What May’s local and regional elections tell us about politics in Spain ahead of July’s snap general election

Spanish Congress of Deputies, Madrid.

 Spanish Congress of Deputies, Madrid. Photo: Seisdeagosto from Spain (Wikimedia Commons CC BY-SA 2.0).

The ruling Socialists’ defeat in May’s local and regional elections triggered a snap general election on 23 July and raised the prospect of significant change in the political landscape.

Swathes of the country turned blue at the end of last month. The centre-right Popular Party (PP) of Alberto Feijóo, who became the party’s leader only last year after running the PP fiefdom of Galicia for 13 years, captured five regions from the Socialists –Valencia, Balearic Islands, La Rioja, Aragón and Extremadura– where it will govern alone or with the support of the hard-right VOX. Extremadura has been a Socialist fiefdom since 1983 except between 2011 and 2015. The PP also finished first in seven out of the 10 most populous cities including Madrid where it won an absolute majority in the city council and again in the Madrid regional parliament, controlling both of them for first time since 2011. Voter turnout for the whole country at 63.9% was slightly down on 2019.

The hard-left Unidas Podemos (UP), the junior partner in the Socialist-led minority national government led by Pedro Sánchez, and loosely associated parties also did badly. UP lost all the deputies it had in the regional parliaments of Madrid and Valencia and, too, its Madrid city councillors. Overall, it only kept 14 of the 46 deputies it won in the 2019 regional elections.

The PP increased its share of the total vote in the local elections from 22.6% in 2019 to 31.5%, almost entirely due to the collapse of the would-be centrist Ciudadanos (Cs) whose slice of the vote plummeted from 8.7% to 1.4%, the loss of more than 1.6 million votes (see Figure 1). The Socialists’ share only dropped a little; the party has been on a downward trend since the 2011 local elections, following the 2008 financial crisis during the Socialist government of José Luis Zapatero.

Figure 1. Local election results, 2023 and 2019

Popular Party7,054,88731.55,154,72822.6
Junts per Catalunya552,7212.5558,5082.4
Esquerra Republicana de Catalunya524,7722.3812,8043.6
Unidas Podemos-Izquierda Unida133,2670.6364,3701.8
Más Madrid387,8471.3535,8832.4
EH Bildu366,3391.6348,3591.5
Basque Nationalist Party322,5791.4403,9581.8
Bloque Nacionalista Galego248,6761.1194,3650.8
Source: Junta Electoral.

Cs did so badly it announced it would not run in July’s election. Just four years ago Cs won 4.1 million votes, only 200,000 fewer than the PP, and 57 seats in Congress in the April 2019 general election. That fell to 1.6 million votes in the November 2019 election called to break the deadlock in parliament after its hubristic founding leader, Albert Rivera, disastrously pitched the party rightwards to overtake the PP and lost 47 seats. Formed in 2006 in Barcelona, initially to oppose the Catalan independence movement, Cs never fulfilled its ambition to play a kingmaker role, as it did not carve out a position as a truly centrist and liberal party, being identified as on the right of the political spectrum, particularly over Catalonia.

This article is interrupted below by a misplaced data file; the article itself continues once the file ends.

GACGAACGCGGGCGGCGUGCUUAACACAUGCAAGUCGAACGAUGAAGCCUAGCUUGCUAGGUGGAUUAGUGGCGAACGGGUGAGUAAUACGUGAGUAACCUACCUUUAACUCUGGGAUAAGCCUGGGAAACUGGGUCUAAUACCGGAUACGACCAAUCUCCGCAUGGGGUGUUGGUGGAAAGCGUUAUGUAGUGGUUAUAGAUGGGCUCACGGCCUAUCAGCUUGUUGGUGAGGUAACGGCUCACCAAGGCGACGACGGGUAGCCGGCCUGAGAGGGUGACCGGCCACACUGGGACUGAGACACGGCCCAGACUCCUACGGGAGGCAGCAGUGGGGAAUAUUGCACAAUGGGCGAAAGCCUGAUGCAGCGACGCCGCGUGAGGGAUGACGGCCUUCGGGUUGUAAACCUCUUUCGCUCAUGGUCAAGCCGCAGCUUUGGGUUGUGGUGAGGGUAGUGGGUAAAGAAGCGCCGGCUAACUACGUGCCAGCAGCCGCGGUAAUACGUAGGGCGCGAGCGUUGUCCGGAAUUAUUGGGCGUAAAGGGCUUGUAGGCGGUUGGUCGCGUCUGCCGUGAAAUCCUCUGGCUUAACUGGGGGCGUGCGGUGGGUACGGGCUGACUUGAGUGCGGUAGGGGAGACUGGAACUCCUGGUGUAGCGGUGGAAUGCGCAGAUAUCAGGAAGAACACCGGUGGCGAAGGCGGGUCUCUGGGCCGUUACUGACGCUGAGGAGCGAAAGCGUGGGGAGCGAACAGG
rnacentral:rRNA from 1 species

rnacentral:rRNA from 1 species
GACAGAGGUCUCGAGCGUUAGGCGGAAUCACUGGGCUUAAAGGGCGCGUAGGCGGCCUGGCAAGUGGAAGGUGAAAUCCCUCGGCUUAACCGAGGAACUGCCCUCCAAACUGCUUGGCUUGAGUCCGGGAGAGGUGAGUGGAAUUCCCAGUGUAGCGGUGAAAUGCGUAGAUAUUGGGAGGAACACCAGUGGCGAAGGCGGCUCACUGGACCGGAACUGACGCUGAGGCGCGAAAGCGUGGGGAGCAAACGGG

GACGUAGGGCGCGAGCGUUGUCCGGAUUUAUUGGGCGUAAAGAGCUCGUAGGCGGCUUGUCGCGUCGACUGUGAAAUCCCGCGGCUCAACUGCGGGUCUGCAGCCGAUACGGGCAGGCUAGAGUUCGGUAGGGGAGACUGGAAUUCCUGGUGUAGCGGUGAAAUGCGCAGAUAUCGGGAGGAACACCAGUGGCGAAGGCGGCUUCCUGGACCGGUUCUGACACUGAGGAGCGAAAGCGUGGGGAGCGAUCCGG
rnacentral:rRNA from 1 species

Despite coining the world liberal as a political label when the 1812 Constitution was drafted and proclaimed in Cadiz during the War of Independence (1808-14) against the French, ‘liberal’ parties have never had much sustained success in Spain in the 20th and 21st centuries.

Cs’ demise has bolstered the two-party system that dominated political life at the national level between 1983 and 2015 when it became more fragmented with the arrival in the national parliament of Cs and UP and, as of 2019, VOX. The PP’s and the Socialists’ combined share of the vote in the local elections was 59.6%, the highest level since 2011 (see Figure 2).

Figure 2. Popular Party and Socialist share of the vote in local elections, 1983-2023 (%)

Popular Party25.635.338.527.122.631.5
Combined share68.666.
Source: Junta Electoral.

Elections were held in 12 of the 17 regions and in all municipalities and were very much played as a rehearsal for a general election, which has to be held by the end of the year. Sánchez campaigned as if he was fighting for his government’s survival, with ‘magic money tree’ promises, which looks like the case.

The size of the Socialists’ defeat was bigger than the party expected. After all, the economy is performing relatively well –headline inflation of 3.2%, a record number of people in jobs, though unemployment is still high at 13%, and the key tourism sector returning to pre-pandemic levels–. Moreover, the government approved a raft of popular measures, including raising pensions this year in line with last year’s average inflation (8.5%), creating a level playing field for maternity and paternity leave, passing a euthanasia law and imposing a temporary windfall tax on banks and energy companies.

The PP concentrated its attacks on Sánchez’s reliance on Basque and Catalan pro-independence parties for support, deeply unsettling for among many voters, and issues such as the botched sexual consent law, introduced by UP, that has allowed more than 1,100 convicted sex offenders to have their prison sentences cut and more than 100 to win early release. Endless squabbling in public between the two parties in the coalition, Spain’s first since the 1930s, also dented support for the government, as did UP’s criticism of the monarchy as an institution. It was politics, not the economy, that was the Socialists’ undoing.